Last week highlighted the uncertainty that exists in the UK economy. Disappointing UK car sale figures followed by UK retail sales which were shown to have shrank by 1% in October – the seventh consecutive month they declined highlighted the problems. Britain’s construction output also fell by 1.6% in September – the biggest fall since March 2016.
However, the September UK manufacturing figures jumped by 0.7% which was much better than the 0.3% growth expected and the deficit on trade in goods and services narrowed by some £700 million to £2.75 billion in September which was significantly better than the £4.6 billion gap analysts had predicted. In total, exports of goods and services reached an all-time high of £51.5 billion in September, which was an increase of 2.2%.
A mixed bag plus an apparent lack of progress in Brexit talks and further political skullduggery at Westminster make it somewhat surprising that sterling has shown a lack of movement in the last few weeks. The calm before the storm perhaps.Moving on to this week, it is relatively quiet today, but the rest of this week is much busier. Tomorrow we have the UK inflation figure, which is forecast to reach 3.2% from 3%, as well as German GDP and inflation. We will also see the eurozone’s GDP reading for the third quarter and the industrial production figures. On Wednesday, the US releases its inflation rate and retail sales.
On Friday, we published our latest Forbes article. It looks at the Bank of England’s recent interest rate rise and how the markets can often prove to be quite fickle. Do have a read if that’s your sort of thing.
GBP: can the UK continue where it left off last week with some positive data?
The UK ended the week on a high following what had a been a pretty dismal showing up to that point. Although news that Britain’s construction output fell by 1.6% in September was not an ideal start, it soon picked up when UK manufacturing was shown to have grown much better than expected. It was forecast to have grown by 0.3% in September, but it actually grew by 0.7%.
In addition, the UK’s trade deficit narrowed by £700 million to £2.75 billion against the £4.8 billion gap expected. Exports of goods and services hit an all-time high and the UK was shown to have exported £900 million more goods to European countries in the three months to September. However, it is worth bearing in mind that the UK also exported £1.7 billion less to non-EU countries. Still, overall, the picture was rosier than many had predicted and sterling strengthened against the euro and US dollar as a result.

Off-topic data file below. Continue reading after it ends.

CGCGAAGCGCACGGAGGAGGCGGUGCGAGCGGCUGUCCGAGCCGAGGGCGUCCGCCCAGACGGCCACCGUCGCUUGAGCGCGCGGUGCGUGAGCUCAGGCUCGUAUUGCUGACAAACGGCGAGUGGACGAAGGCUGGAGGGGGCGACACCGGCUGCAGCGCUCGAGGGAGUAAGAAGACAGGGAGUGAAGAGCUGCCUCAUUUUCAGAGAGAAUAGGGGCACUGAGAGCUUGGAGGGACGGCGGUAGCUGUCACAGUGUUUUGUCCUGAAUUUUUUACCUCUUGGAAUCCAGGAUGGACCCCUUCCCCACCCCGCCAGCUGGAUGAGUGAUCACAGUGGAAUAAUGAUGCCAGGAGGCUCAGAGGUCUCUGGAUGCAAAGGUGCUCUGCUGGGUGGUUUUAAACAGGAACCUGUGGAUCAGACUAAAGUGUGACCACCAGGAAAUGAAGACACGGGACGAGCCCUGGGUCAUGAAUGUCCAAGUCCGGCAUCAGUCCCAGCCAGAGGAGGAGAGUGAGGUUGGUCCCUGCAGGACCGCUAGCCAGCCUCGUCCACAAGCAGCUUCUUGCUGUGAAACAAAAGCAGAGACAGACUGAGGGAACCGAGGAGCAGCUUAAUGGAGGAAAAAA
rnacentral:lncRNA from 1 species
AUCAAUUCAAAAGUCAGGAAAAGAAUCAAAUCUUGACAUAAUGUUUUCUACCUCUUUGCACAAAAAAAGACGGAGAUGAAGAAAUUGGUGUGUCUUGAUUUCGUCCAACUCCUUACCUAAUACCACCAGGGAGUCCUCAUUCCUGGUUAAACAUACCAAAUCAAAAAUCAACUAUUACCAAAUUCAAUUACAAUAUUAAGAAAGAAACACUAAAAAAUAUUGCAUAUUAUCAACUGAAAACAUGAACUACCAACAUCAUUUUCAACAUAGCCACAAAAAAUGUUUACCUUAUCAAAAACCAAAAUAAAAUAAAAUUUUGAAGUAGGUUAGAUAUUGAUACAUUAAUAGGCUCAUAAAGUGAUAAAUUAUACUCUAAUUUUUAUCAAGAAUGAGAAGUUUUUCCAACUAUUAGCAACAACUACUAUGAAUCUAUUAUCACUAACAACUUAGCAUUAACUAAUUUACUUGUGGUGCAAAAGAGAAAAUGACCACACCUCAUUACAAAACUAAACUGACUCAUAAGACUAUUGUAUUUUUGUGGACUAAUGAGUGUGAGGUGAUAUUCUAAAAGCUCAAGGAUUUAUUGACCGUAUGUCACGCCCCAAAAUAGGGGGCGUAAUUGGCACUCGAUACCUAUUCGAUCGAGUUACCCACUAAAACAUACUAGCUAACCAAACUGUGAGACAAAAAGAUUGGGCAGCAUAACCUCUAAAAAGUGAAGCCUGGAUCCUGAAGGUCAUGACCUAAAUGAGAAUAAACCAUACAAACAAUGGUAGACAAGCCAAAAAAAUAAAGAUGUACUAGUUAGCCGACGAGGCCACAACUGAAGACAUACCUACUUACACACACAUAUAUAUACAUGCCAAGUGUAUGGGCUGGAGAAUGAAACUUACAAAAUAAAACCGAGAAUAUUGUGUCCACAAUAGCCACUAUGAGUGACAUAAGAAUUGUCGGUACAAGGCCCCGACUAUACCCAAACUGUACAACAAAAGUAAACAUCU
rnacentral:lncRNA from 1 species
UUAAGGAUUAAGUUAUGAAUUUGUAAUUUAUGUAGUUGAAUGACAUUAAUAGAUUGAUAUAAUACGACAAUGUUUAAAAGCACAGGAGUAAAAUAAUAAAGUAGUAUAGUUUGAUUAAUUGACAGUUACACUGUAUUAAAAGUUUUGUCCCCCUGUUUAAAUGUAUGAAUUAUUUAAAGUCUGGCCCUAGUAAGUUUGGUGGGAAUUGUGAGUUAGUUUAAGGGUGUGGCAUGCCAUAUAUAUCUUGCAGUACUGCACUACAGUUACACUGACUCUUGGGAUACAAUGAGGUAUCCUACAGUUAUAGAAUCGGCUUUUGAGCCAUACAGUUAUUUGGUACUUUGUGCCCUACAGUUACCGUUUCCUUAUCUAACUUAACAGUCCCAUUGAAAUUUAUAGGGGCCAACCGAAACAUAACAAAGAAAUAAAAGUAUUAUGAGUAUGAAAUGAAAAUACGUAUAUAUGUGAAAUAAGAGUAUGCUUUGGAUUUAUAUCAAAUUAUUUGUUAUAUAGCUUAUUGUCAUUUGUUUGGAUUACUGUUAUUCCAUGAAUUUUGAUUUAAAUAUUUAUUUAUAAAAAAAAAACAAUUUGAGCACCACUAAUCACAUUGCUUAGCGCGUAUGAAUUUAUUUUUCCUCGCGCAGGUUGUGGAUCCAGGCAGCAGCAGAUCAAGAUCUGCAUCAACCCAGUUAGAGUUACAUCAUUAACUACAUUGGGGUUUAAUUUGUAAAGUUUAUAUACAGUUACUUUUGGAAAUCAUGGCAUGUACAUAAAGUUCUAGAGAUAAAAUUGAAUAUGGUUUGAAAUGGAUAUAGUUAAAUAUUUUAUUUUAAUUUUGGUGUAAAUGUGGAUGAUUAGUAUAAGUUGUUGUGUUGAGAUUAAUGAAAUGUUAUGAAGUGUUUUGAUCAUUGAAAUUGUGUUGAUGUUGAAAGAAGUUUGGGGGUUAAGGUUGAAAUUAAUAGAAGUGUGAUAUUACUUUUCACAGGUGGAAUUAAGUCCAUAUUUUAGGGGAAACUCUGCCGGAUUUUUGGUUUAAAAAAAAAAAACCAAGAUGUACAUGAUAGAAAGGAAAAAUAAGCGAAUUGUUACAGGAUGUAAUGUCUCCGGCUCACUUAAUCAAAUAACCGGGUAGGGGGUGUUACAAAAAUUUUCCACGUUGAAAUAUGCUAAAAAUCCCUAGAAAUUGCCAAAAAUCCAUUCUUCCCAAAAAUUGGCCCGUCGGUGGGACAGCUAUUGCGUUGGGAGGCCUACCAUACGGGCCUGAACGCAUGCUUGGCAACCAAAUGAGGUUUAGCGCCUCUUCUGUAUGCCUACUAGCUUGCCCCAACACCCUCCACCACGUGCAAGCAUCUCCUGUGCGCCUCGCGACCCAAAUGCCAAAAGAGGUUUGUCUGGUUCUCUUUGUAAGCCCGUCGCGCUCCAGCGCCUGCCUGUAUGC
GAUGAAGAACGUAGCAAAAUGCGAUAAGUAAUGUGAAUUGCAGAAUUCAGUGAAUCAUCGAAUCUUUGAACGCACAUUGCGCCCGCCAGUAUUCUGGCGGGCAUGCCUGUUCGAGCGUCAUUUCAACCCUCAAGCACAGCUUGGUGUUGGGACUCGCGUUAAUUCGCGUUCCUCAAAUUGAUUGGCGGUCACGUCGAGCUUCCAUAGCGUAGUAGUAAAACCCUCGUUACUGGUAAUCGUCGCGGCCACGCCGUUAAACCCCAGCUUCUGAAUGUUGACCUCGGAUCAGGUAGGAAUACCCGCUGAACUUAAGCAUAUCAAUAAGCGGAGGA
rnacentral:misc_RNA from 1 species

Today is quiet, but tomorrow sees the release of UK inflation, followed by the unemployment numbers on Wednesday. Finally, on Thursday we will see October’s retail sales.
EUR: a busy week for eurozone data including German ZEW economic sentiment
The euro ended the week by making some gains against the US dollar and weakening against the pound following the release of some better-than-expected UK manufacturing figures. Meanwhile, the eurozone’s Chief Negotiator, Michel Barnier said that the UK has two weeks to clarify some key issues or make concessions if Brexit talks are to make progress.
It was a relatively quiet day for eurozone economic data, but this week promises to be much busier beginning with the release of GDP growth data from Germany and the eurozone as a whole. On the same day, the German ZEW economic sentiment index will be released and, as a survey of up to 300 businesses from the eurozone’s largest economy, it is seen as a key indicator of business confidence. A strong reading could see the euro strengthen, especially if data from the UK is disappointing.
On Thursday, the eurozone will release its inflation rate and on Friday we’ll see the construction output for September. The question is whether we will see further signs that the eurozone’s economy is recovering.
USD: consumer sentiment dips a little following expectations of rising inflation
The key release for the US on Friday was the University of Michigan’s consumer sentiment. In October, the figure was the strongest it has been since January 2004 at 100.7. However, in November, it dipped to 97.8 against an expectation of 100.7.
The fall was mainly attributed to consumers expecting inflation to rise over the course of the next year. The dollar weakened against the euro and sterling on Friday, although this is unlikely to be because of the Michigan consumer sentiment reading.
The beginning of the week is relatively quiet for the US, but on Wednesday we will see the inflation rate and retail sales for October. On Thursday we will see the jobless claims, as well as industrial and manufacturing numbers. Finally, on Friday we will see the building permits and housing starts for October. Neither of these are likely to have too much bearing on dollar movements.
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